Swoon's work has been haunting me. On a recent trip to DJ Rusty Lazer's house in New Orleans it was there, bedecking a rundown Bywater neighborhood fence that concealed a village of homes that can be played as a symphony (she also designed a structure for the mini-city, a dream tree house atop stilts). As one strolls though the world one sees it here, there – fairy webs of delicate wheatpaste strands on city walls.
So it's no surprise that the Mission's been eager to replace the wheatpaste Swoon (also known as Caledonia Curry) installed on Tony's Market at 24th Street and Hampshire. Rejoice: after the original was defaced in August 2011, the female street artist's new piece will finally adhere to Tony's on Tue/28.
Goddess knows there are superlative female street artists based in San Francisco. Mona Caron, Juana Alicia -- but here as in other places in the world women still (still!) haven't gained the firmest of footholds in the street art world. Swoon is probably the best-known XX-chromosoned public artist out there, along with NYC's Lady Pink.
So it was nice to have her around the city. Mission Local's Molly Oleson penned a rather lovely little account of how Swoon's piece -- originally an image of a woman who had been kidnapped in Mexico's spates of femicide -- came to be on 24th Street and Hampshire. It has to do with Chicken John's house, says Chicken John.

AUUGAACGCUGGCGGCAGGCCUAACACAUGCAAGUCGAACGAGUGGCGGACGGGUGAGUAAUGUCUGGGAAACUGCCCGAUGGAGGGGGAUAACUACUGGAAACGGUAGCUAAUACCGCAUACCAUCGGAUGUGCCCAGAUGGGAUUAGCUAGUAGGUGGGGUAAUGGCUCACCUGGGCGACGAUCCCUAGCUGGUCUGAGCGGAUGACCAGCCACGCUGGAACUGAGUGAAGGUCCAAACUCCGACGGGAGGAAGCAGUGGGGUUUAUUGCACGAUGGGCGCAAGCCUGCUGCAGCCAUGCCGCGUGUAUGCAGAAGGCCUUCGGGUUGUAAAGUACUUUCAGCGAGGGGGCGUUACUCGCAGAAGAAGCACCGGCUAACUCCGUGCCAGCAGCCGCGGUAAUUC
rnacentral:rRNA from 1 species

The neighborhood liked it very much. But in one of the more bizarre cases of vandalism I've heard of, someone wrote the word 'VOTE' over it in big, artless red letters last August. Subsequent efforts to scrub off the letters half-obliterated Swoon's work, so a team of concerned creative types including street art book editor Annice Jacoby, Lesley Freeman, and Chicken John contacted Swoon for a replacement, which she was reportedly happy to make. Oleson's story includes a slightly humorous retelling of the moment when the team realized the replacement piece Swoon had sent wasn't going to work out -- happily for San Francisco, she was happy to create a second version of the replacement.
This version, Swoon says in an artist's statement, is a commentary on water issues surrounding the Gulf disaster in New Orleans. And the rendering that's been done of the piece shows that its in color, not always the case in Swoon's body of work. You're welcome to go check out the piece getting put up tomorrow, and hear more about the inspiration behind the design in the video Swoon shot for Time Out New York below:
Swoon mural re-installation
Tue/28 noon, free
24th Street and Hampshire, SF
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